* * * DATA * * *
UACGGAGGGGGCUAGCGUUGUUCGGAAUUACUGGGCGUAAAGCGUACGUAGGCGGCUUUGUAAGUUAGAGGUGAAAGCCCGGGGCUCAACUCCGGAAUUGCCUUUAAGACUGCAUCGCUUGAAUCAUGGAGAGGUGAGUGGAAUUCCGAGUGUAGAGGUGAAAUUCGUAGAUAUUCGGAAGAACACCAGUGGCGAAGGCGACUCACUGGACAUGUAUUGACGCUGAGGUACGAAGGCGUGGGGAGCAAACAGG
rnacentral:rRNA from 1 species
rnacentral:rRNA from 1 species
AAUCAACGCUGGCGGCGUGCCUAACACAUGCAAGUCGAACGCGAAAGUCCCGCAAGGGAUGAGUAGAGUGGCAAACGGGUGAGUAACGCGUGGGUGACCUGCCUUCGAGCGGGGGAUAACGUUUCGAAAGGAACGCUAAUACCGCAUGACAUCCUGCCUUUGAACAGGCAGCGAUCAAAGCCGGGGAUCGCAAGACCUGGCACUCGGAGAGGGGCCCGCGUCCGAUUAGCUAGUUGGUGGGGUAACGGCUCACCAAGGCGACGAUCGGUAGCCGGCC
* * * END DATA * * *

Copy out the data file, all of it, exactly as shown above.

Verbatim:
UACGGAGGGGGCUAGCGUUGUUCGGAAUUACUGGGCGUAAAGCGUACGUAGGCGGCUUUGUAAGUUAGAGGUGAAAGCCCGGGGCUCAACUCCGGAAUUGCCUUUAAGACUGCAUCGCUUGAAUCAUGGAGAGGUGAGUGGAAUUCCGAGUGUAGAGGUGAAAUUCGUAGAUAUUCGGAAGAACACCAGUGGCGAAGGCGACUCACUGGACAUGUAUUGACGCUGAGGUACGAAGGCGUGGGGAGCAAACAGG
rnacentral:rRNA from 1 species
rnacentral:rRNA from 1 species
AAUCAACGCUGGCGGCGUGCCUAACACAUGCAAGUCGAACGCGAAAGUCCCGCAAGGGAUGAGUAGAGUGGCAAACGGGUGAGUAACGCGUGGGUGACCUGCCUUCGAGCGGGGGAUAACGUUUCGAAAGGAACGCUAAUACCGCAUGACAUCCUGCCUUUGAACAGGCAGCGAUCAAAGCCGGGGAUCGCAAGACCUGGCACUCGGAGAGGGGCCCGCGUCCGAUUAGCUAGUUGGUGGGGUAACGGCUCACCAAGGCGACGAUCGGUAGCCGGCC